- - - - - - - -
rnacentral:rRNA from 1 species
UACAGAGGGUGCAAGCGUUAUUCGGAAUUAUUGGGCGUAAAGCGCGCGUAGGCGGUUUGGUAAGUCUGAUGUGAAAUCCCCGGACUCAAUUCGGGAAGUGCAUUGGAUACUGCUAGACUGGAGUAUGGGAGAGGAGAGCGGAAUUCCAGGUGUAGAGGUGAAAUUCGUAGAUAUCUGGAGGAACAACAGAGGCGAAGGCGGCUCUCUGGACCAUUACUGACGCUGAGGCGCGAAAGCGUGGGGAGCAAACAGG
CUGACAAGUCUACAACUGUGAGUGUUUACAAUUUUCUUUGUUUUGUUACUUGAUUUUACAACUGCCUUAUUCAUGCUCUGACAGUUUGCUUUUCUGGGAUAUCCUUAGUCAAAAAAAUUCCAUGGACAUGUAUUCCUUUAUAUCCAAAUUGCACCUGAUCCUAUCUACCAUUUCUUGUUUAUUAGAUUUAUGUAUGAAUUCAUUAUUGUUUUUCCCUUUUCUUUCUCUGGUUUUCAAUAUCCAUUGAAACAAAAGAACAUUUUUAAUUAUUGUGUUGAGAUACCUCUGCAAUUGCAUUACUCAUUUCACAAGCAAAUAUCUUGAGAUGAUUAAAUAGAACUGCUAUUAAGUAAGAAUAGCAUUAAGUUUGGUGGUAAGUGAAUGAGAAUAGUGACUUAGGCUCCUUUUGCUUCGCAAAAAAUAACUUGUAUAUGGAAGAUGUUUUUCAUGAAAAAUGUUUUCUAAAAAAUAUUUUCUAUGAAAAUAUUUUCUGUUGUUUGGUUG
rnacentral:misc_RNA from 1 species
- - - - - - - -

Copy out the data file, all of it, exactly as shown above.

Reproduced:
rnacentral:rRNA from 1 species
UACAGAGGGUGCAAGCGUUAUUCGGAAUUAUUGGGCGUAAAGCGCGCGUAGGCGGUUUGGUAAGUCUGAUGUGAAAUCCCCGGACUCAAUUCGGGAAGUGCAUUGGAUACUGCUAGACUGGAGUAUGGGAGAGGAGAGCGGAAUUCCAGGUGUAGAGGUGAAAUUCGUAGAUAUCUGGAGGAACAACAGAGGCGAAGGCGGCUCUCUGGACCAUUACUGACGCUGAGGCGCGAAAGCGUGGGGAGCAAACAGG
CUGACAAGUCUACAACUGUGAGUGUUUACAAUUUUCUUUGUUUUGUUACUUGAUUUUACAACUGCCUUAUUCAUGCUCUGACAGUUUGCUUUUCUGGGAUAUCCUUAGUCAAAAAAAUUCCAUGGACAUGUAUUCCUUUAUAUCCAAAUUGCACCUGAUCCUAUCUACCAUUUCUUGUUUAUUAGAUUUAUGUAUGAAUUCAUUAUUGUUUUUCCCUUUUCUUUCUCUGGUUUUCAAUAUCCAUUGAAACAAAAGAACAUUUUUAAUUAUUGUGUUGAGAUACCUCUGCAAUUGCAUUACUCAUUUCACAAGCAAAUAUCUUGAGAUGAUUAAAUAGAACUGCUAUUAAGUAAGAAUAGCAUUAAGUUUGGUGGUAAGUGAAUGAGAAUAGUGACUUAGGCUCCUUUUGCUUCGCAAAAAAUAACUUGUAUAUGGAAGAUGUUUUUCAUGAAAAAUGUUUUCUAAAAAAUAUUUUCUAUGAAAAUAUUUUCUGUUGUUUGGUUG
rnacentral:misc_RNA from 1 species